Over the weekend I hit one of the local bulk food stores, and while I was there my attention was drawn to what I thought were real Chicken Bones. Okay, not real chicken bones, but the candy named after them. Chicken Bones follow in the grand tradition of naming confections after the parts of animals that they superficially resemble, just like Beaver Tails and bear claws. At any rate, I thought I was getting the Ganong original chicken bone candy, but in retrospect I may have been getting an imitation.
Here’s a video by Ganong about how the real thing is made:
Real or fake, Chicken Bones were an essential flavour of my childhood holidays. Unlike the ubiquitous mint of candy canes, Chicken Bones are a strong cinnamon candy with a touch of dark chocolate at the center. Now, I wouldn’t have known to make this comparison as a kid, but as an adult I can definitely say that they remind me of Fireball whisky.
Chicken Bones are a really Maritime thing, although they’ve made their way to the rest of Canada somewhat sparsely over time. That isn’t to say that they’re universally loved out East; I know a fair number of people who can’t stand them, but they are definitely ubiquitous. My Nan, who was from Britain but lived almost sixty years of her life in small-town New Brunswick, used to buy Chicken Bones around the holidays, along with After Eights and liquorice allsorts. Chicken Bones have a flavour and smell that I most strongly associate with her. Now that she has passed away nobody else around here seems to serve them. So when I saw them at the bulk food store, even if they were imitations, I had to pick up a few. I do miss my Nan around Christmas, since I spent so many of these holidays in her company. But sometimes keeping the little traditions alive helps to bring her back just a little bit, which is especially important this time of year, I think.
Yesterday I had a million and one things to do in order to prep for the party on Saturday, so I really needed to make a dinner that I could probably have cooked in my sleep. This was the kind of dinner that I had regularly as a kid and was one of the staples of how I learned how to cook, way back when. A few small things have changed here and there, but it basically tastes the same.
I baked chicken thighs that were sprinkled with powdered onion soup mix. When I was a kid, boned and skinned meat was way too expensive for everyday meals, so it would have been whole chicken legs (drumstick and thigh), bone-in, skin-on. I served it with whipped potatoes; as a kid, that would simply have been mashed, no fancy schmancy electronics like a hand mixer. The corn was exactly what I grew up with: boiled from frozen, generally in the microwave.
We ate all kinds of other food, of course. My mom used to hang out with a Lebanese couple, and they exchanged recipes and techniques, so Mom made great Lebanese food. We ate all kinds of pasta and roasts and fancy Sunday dinners. But when push came to shove and we had something going on on a weekday evening (and with both my brother and I in hockey and Guiding/Scouting, that was most evenings), this was our fast, easy, everybody-likes-it kind of meal. To me, this kind of dish is a comfort food, because it brings back fond memories of family togetherness. And as a bonus, now that I’m a parent myself, there’s nothing in a supper like this that I have to fight to get my kids to eat!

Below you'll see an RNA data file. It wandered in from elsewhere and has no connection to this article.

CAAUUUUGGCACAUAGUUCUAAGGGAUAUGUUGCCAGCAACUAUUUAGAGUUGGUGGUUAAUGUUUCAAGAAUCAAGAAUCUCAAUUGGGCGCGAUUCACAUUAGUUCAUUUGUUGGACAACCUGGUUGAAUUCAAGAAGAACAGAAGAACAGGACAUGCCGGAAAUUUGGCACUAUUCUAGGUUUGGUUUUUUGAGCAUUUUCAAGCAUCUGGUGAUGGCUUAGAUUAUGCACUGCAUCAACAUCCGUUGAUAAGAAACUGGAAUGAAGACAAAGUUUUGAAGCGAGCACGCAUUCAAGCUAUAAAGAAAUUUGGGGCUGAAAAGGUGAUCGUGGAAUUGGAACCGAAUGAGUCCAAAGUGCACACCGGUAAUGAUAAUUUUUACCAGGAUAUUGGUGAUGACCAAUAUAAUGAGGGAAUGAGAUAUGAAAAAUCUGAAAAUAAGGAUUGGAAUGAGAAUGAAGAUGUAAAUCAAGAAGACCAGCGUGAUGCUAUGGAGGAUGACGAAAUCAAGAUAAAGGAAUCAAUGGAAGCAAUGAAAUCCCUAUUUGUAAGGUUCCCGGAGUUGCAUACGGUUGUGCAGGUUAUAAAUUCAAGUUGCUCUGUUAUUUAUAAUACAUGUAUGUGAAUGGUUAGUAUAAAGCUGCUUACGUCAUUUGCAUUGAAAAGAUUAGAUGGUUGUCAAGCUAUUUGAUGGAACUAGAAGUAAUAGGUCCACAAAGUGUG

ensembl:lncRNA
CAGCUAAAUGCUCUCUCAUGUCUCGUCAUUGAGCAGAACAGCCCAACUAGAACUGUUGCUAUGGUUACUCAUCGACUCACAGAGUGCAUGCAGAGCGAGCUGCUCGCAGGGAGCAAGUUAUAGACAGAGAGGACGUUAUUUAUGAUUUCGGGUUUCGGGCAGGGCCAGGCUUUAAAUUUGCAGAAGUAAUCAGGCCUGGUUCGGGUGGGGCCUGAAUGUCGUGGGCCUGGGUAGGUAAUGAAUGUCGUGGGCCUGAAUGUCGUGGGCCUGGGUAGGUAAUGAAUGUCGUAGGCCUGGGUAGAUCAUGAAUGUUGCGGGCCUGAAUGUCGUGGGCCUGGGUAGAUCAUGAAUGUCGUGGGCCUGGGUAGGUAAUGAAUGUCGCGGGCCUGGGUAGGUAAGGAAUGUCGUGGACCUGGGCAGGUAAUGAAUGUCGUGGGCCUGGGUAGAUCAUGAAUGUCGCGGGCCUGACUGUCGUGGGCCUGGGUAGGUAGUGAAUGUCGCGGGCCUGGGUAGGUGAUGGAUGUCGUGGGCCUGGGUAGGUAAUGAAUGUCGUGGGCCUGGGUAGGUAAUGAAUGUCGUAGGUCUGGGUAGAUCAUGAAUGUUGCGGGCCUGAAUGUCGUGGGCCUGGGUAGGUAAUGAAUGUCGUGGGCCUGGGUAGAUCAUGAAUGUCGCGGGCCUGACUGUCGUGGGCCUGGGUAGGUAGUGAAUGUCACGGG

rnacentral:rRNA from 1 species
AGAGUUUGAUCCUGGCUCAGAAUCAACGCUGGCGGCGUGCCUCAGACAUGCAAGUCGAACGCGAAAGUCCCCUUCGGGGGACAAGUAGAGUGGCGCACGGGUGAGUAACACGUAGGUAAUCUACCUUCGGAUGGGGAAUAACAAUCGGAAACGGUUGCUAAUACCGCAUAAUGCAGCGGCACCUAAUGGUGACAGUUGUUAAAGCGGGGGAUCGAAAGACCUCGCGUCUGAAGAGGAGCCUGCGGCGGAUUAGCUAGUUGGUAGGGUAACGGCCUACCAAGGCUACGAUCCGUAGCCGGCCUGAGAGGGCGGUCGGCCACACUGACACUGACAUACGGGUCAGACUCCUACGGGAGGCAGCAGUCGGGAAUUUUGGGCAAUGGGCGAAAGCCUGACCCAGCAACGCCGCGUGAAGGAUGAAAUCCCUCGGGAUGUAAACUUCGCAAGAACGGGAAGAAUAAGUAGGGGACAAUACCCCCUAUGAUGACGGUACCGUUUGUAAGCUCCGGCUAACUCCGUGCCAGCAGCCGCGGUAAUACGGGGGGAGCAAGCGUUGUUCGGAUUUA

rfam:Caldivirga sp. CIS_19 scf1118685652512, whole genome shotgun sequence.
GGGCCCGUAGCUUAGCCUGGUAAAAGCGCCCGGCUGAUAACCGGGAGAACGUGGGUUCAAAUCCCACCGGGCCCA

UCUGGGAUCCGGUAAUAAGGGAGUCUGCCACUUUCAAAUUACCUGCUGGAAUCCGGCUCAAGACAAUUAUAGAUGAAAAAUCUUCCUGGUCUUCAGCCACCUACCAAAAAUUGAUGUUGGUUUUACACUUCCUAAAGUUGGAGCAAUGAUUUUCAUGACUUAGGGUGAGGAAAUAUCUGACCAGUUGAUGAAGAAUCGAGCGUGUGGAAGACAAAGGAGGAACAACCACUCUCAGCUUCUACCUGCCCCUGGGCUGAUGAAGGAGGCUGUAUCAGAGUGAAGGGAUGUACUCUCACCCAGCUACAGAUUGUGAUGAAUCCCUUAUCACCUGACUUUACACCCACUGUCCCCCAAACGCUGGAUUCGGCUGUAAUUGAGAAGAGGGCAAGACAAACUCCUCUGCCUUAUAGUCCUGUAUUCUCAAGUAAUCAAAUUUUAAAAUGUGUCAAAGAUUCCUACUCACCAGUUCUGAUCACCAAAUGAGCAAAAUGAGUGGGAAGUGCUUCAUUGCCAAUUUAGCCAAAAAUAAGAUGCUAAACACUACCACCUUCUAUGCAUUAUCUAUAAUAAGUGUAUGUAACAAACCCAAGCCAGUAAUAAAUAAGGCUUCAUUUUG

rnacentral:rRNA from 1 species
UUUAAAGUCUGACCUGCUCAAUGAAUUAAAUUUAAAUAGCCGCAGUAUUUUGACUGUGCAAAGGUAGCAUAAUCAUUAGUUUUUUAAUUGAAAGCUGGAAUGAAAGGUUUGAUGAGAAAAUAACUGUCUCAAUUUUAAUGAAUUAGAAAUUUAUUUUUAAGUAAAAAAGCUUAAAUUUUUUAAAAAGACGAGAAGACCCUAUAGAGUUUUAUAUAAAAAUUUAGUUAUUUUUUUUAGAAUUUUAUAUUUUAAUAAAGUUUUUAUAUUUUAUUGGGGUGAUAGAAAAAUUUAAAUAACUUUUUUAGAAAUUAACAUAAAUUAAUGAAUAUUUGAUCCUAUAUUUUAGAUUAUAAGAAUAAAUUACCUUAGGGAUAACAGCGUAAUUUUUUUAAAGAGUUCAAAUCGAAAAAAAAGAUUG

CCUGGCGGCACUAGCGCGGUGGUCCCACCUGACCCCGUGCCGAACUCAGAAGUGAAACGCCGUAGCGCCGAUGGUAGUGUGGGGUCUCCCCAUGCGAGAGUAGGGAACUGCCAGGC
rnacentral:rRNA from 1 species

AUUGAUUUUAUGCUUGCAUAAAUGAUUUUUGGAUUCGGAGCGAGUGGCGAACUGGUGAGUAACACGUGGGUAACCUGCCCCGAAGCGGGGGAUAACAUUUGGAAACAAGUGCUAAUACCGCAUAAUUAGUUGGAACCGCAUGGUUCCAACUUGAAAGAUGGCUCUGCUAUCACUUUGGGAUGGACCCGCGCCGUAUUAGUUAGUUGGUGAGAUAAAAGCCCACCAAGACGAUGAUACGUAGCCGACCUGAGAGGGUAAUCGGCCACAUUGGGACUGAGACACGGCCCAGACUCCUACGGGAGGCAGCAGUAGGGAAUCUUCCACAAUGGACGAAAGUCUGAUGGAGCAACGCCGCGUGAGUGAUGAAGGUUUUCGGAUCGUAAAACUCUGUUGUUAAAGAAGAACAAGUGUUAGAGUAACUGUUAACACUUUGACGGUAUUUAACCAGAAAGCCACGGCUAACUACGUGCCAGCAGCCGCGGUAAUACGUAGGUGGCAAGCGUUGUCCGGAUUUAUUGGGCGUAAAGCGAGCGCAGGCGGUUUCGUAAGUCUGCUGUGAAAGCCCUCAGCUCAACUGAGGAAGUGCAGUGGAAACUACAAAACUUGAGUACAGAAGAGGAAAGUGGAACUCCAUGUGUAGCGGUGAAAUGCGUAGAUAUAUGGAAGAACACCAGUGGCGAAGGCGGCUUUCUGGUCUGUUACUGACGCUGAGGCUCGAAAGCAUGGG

Oh, and if you think that my parents wouldn’t have served supper on a plate with a skull and bones on it, on top of a skeleton-print tablecloth, you probably haven’t met my parents. Trust me, if they’d had those things, they would have used them in a heartbeat.
The formula for a perfect night at the cottage is as follows:
One small campfire, plus:
Jumbo sparklers lit in the campfire, plus:
Perfectly toasted marshmallows on green sticks, plus:
(For those not in the know, that’s a toasted marshmallow and a square of chocolate sandwiched between graham crackers, called “s’mores” because you always want “some more”.)
There are a lot of public parks in the Ottawa area; a lot of them even have splash pads and water features. This means that if you’re looking to do something with the kids (or even just to get outside yourself), there is always somewhere to go and something to do — so long as it’s not pouring rain. I take advantage of this on a regular basis. My kids are old enough now to pop off together to the closest park for an hour or two. However, their range is pretty small (they only just learned to ride bikes without training wheels earlier this summer), and I wouldn’t feel comfortable with them going much further or crossing major roads alone in any case. So whenever it’s nice out and the girls are getting restless, I head out to a park.
Knitting at Cardinal Creek Community Park. That day I was working on the start of an adult sock in Araucania Yars Huasco 100% extra-fine Merino wool (colour 101, dye lot 74403) on 3.5mm circular knitting needles.
We alternate between parks, sometimes staying close to home, sometimes packing a lunch and driving downtown or even across town to check out some new scenery. I stuff a novel, a knitting project, and my phone into my purse, which is enough to keep me entertained for hours. No matter where we go, I also have to bring about a tonne of sunscreen. It probably hasn’t escaped anyone that I’m a blonde and my kids are redheads, so sunscreen is not an option, it’s a necessity. The kids invariably come home soaking wet, exhausted, and happy. To me, that’s a successful summer day.